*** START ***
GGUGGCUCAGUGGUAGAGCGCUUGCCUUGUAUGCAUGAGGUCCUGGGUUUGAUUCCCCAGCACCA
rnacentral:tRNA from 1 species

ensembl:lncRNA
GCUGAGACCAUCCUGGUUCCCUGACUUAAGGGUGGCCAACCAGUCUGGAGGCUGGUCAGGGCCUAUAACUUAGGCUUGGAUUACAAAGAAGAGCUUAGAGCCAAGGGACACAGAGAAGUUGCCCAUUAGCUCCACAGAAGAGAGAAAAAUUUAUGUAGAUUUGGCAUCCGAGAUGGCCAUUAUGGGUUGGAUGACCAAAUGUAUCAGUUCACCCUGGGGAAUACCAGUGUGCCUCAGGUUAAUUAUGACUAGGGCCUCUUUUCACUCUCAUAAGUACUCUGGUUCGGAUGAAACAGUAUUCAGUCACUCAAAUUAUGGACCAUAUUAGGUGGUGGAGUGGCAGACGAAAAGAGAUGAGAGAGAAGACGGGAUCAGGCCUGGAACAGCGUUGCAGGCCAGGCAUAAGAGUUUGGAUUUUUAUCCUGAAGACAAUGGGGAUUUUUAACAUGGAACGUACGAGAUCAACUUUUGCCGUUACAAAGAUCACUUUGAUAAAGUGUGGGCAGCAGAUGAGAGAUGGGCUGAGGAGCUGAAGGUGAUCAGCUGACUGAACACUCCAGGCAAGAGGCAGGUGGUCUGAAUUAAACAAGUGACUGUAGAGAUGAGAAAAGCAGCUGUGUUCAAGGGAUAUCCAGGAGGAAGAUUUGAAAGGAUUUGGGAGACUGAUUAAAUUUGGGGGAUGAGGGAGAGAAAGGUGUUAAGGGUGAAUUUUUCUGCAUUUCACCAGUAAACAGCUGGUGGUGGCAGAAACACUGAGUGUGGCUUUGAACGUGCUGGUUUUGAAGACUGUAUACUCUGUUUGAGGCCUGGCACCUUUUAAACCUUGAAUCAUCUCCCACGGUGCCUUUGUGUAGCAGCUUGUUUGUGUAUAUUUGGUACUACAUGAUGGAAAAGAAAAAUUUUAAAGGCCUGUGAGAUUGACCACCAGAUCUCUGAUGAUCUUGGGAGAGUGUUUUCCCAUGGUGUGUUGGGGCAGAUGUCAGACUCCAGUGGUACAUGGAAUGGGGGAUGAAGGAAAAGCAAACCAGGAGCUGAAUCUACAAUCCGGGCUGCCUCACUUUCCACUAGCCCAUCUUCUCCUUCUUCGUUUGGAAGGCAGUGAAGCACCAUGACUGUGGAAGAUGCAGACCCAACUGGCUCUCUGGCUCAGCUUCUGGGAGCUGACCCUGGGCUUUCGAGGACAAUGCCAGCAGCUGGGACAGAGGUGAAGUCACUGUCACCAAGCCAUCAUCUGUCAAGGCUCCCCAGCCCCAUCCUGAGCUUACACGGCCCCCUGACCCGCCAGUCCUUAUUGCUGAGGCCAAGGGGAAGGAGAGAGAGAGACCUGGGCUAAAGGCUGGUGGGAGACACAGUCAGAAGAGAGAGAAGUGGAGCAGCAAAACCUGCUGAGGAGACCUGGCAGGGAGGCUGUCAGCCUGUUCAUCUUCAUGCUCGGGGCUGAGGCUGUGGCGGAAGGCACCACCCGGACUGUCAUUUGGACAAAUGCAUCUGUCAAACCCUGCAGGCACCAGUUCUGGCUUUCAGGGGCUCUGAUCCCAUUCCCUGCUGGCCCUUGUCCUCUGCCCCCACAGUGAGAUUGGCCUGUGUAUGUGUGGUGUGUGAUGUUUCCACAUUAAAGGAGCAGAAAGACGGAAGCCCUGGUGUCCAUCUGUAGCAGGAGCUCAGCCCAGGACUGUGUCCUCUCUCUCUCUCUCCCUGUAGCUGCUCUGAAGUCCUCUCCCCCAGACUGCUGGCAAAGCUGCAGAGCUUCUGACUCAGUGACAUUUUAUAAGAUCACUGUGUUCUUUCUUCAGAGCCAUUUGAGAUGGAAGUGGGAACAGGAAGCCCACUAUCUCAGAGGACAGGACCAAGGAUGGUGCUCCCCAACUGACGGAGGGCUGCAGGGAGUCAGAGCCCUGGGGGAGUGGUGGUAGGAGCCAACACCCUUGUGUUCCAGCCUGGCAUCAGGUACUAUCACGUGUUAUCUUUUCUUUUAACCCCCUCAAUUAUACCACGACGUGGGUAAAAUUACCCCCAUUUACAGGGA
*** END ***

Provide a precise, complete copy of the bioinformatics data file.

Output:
GGUGGCUCAGUGGUAGAGCGCUUGCCUUGUAUGCAUGAGGUCCUGGGUUUGAUUCCCCAGCACCA
rnacentral:tRNA from 1 species

ensembl:lncRNA
GCUGAGACCAUCCUGGUUCCCUGACUUAAGGGUGGCCAACCAGUCUGGAGGCUGGUCAGGGCCUAUAACUUAGGCUUGGAUUACAAAGAAGAGCUUAGAGCCAAGGGACACAGAGAAGUUGCCCAUUAGCUCCACAGAAGAGAGAAAAAUUUAUGUAGAUUUGGCAUCCGAGAUGGCCAUUAUGGGUUGGAUGACCAAAUGUAUCAGUUCACCCUGGGGAAUACCAGUGUGCCUCAGGUUAAUUAUGACUAGGGCCUCUUUUCACUCUCAUAAGUACUCUGGUUCGGAUGAAACAGUAUUCAGUCACUCAAAUUAUGGACCAUAUUAGGUGGUGGAGUGGCAGACGAAAAGAGAUGAGAGAGAAGACGGGAUCAGGCCUGGAACAGCGUUGCAGGCCAGGCAUAAGAGUUUGGAUUUUUAUCCUGAAGACAAUGGGGAUUUUUAACAUGGAACGUACGAGAUCAACUUUUGCCGUUACAAAGAUCACUUUGAUAAAGUGUGGGCAGCAGAUGAGAGAUGGGCUGAGGAGCUGAAGGUGAUCAGCUGACUGAACACUCCAGGCAAGAGGCAGGUGGUCUGAAUUAAACAAGUGACUGUAGAGAUGAGAAAAGCAGCUGUGUUCAAGGGAUAUCCAGGAGGAAGAUUUGAAAGGAUUUGGGAGACUGAUUAAAUUUGGGGGAUGAGGGAGAGAAAGGUGUUAAGGGUGAAUUUUUCUGCAUUUCACCAGUAAACAGCUGGUGGUGGCAGAAACACUGAGUGUGGCUUUGAACGUGCUGGUUUUGAAGACUGUAUACUCUGUUUGAGGCCUGGCACCUUUUAAACCUUGAAUCAUCUCCCACGGUGCCUUUGUGUAGCAGCUUGUUUGUGUAUAUUUGGUACUACAUGAUGGAAAAGAAAAAUUUUAAAGGCCUGUGAGAUUGACCACCAGAUCUCUGAUGAUCUUGGGAGAGUGUUUUCCCAUGGUGUGUUGGGGCAGAUGUCAGACUCCAGUGGUACAUGGAAUGGGGGAUGAAGGAAAAGCAAACCAGGAGCUGAAUCUACAAUCCGGGCUGCCUCACUUUCCACUAGCCCAUCUUCUCCUUCUUCGUUUGGAAGGCAGUGAAGCACCAUGACUGUGGAAGAUGCAGACCCAACUGGCUCUCUGGCUCAGCUUCUGGGAGCUGACCCUGGGCUUUCGAGGACAAUGCCAGCAGCUGGGACAGAGGUGAAGUCACUGUCACCAAGCCAUCAUCUGUCAAGGCUCCCCAGCCCCAUCCUGAGCUUACACGGCCCCCUGACCCGCCAGUCCUUAUUGCUGAGGCCAAGGGGAAGGAGAGAGAGAGACCUGGGCUAAAGGCUGGUGGGAGACACAGUCAGAAGAGAGAGAAGUGGAGCAGCAAAACCUGCUGAGGAGACCUGGCAGGGAGGCUGUCAGCCUGUUCAUCUUCAUGCUCGGGGCUGAGGCUGUGGCGGAAGGCACCACCCGGACUGUCAUUUGGACAAAUGCAUCUGUCAAACCCUGCAGGCACCAGUUCUGGCUUUCAGGGGCUCUGAUCCCAUUCCCUGCUGGCCCUUGUCCUCUGCCCCCACAGUGAGAUUGGCCUGUGUAUGUGUGGUGUGUGAUGUUUCCACAUUAAAGGAGCAGAAAGACGGAAGCCCUGGUGUCCAUCUGUAGCAGGAGCUCAGCCCAGGACUGUGUCCUCUCUCUCUCUCUCCCUGUAGCUGCUCUGAAGUCCUCUCCCCCAGACUGCUGGCAAAGCUGCAGAGCUUCUGACUCAGUGACAUUUUAUAAGAUCACUGUGUUCUUUCUUCAGAGCCAUUUGAGAUGGAAGUGGGAACAGGAAGCCCACUAUCUCAGAGGACAGGACCAAGGAUGGUGCUCCCCAACUGACGGAGGGCUGCAGGGAGUCAGAGCCCUGGGGGAGUGGUGGUAGGAGCCAACACCCUUGUGUUCCAGCCUGGCAUCAGGUACUAUCACGUGUUAUCUUUUCUUUUAACCCCCUCAAUUAUACCACGACGUGGGUAAAAUUACCCCCAUUUACAGGGA